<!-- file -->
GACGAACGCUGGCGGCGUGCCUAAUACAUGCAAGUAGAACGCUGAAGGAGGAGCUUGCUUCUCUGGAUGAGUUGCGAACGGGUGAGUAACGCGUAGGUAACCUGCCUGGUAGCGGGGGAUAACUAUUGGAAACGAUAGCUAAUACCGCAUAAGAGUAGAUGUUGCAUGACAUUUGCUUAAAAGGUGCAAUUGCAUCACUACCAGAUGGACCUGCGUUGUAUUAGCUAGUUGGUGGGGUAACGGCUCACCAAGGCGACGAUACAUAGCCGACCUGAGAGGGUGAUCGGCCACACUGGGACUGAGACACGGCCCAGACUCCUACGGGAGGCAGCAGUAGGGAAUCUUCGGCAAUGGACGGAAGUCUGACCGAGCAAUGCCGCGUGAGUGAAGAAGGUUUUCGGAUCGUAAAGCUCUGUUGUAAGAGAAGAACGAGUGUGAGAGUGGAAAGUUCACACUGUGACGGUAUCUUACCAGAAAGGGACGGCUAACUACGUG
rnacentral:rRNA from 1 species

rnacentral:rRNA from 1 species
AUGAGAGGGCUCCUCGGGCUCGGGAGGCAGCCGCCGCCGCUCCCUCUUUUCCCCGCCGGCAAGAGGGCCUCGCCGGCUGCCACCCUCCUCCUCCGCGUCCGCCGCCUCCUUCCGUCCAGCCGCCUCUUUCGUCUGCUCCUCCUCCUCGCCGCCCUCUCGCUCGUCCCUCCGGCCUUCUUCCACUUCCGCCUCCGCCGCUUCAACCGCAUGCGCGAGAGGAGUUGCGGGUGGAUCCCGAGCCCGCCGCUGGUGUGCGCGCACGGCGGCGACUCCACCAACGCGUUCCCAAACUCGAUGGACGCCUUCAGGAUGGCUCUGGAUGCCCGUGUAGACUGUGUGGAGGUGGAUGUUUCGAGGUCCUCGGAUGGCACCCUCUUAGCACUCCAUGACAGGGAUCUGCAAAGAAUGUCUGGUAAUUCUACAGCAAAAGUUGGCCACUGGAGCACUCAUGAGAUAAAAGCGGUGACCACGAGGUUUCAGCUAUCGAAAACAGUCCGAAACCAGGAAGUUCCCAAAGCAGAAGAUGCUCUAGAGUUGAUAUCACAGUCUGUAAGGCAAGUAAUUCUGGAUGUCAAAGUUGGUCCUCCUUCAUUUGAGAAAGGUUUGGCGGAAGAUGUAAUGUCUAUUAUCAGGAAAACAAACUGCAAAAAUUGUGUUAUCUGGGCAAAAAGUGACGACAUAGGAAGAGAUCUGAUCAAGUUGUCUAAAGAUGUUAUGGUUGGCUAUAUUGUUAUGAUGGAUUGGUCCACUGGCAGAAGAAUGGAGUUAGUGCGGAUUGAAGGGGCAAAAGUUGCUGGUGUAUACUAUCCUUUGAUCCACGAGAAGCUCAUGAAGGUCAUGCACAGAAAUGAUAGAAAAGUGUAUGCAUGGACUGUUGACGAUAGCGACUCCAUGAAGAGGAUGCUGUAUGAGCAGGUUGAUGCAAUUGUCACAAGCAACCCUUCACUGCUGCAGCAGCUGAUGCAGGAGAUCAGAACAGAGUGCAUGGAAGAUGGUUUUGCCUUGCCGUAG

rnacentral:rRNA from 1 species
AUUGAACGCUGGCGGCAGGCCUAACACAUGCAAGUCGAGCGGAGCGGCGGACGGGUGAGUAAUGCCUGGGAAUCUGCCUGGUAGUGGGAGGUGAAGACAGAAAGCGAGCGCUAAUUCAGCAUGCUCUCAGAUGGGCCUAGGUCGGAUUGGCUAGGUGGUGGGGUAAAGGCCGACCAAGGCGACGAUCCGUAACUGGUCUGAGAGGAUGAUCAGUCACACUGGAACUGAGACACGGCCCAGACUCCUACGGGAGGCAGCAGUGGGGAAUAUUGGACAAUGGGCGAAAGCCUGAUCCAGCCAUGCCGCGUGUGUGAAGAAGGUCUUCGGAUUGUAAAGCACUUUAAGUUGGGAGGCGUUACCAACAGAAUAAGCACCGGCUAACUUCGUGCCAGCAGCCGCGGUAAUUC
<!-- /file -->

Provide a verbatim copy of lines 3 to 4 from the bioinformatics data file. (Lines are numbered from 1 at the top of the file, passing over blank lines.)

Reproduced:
rnacentral:rRNA from 1 species
AUGAGAGGGCUCCUCGGGCUCGGGAGGCAGCCGCCGCCGCUCCCUCUUUUCCCCGCCGGCAAGAGGGCCUCGCCGGCUGCCACCCUCCUCCUCCGCGUCCGCCGCCUCCUUCCGUCCAGCCGCCUCUUUCGUCUGCUCCUCCUCCUCGCCGCCCUCUCGCUCGUCCCUCCGGCCUUCUUCCACUUCCGCCUCCGCCGCUUCAACCGCAUGCGCGAGAGGAGUUGCGGGUGGAUCCCGAGCCCGCCGCUGGUGUGCGCGCACGGCGGCGACUCCACCAACGCGUUCCCAAACUCGAUGGACGCCUUCAGGAUGGCUCUGGAUGCCCGUGUAGACUGUGUGGAGGUGGAUGUUUCGAGGUCCUCGGAUGGCACCCUCUUAGCACUCCAUGACAGGGAUCUGCAAAGAAUGUCUGGUAAUUCUACAGCAAAAGUUGGCCACUGGAGCACUCAUGAGAUAAAAGCGGUGACCACGAGGUUUCAGCUAUCGAAAACAGUCCGAAACCAGGAAGUUCCCAAAGCAGAAGAUGCUCUAGAGUUGAUAUCACAGUCUGUAAGGCAAGUAAUUCUGGAUGUCAAAGUUGGUCCUCCUUCAUUUGAGAAAGGUUUGGCGGAAGAUGUAAUGUCUAUUAUCAGGAAAACAAACUGCAAAAAUUGUGUUAUCUGGGCAAAAAGUGACGACAUAGGAAGAGAUCUGAUCAAGUUGUCUAAAGAUGUUAUGGUUGGCUAUAUUGUUAUGAUGGAUUGGUCCACUGGCAGAAGAAUGGAGUUAGUGCGGAUUGAAGGGGCAAAAGUUGCUGGUGUAUACUAUCCUUUGAUCCACGAGAAGCUCAUGAAGGUCAUGCACAGAAAUGAUAGAAAAGUGUAUGCAUGGACUGUUGACGAUAGCGACUCCAUGAAGAGGAUGCUGUAUGAGCAGGUUGAUGCAAUUGUCACAAGCAACCCUUCACUGCUGCAGCAGCUGAUGCAGGAGAUCAGAACAGAGUGCAUGGAAGAUGGUUUUGCCUUGCCGUAG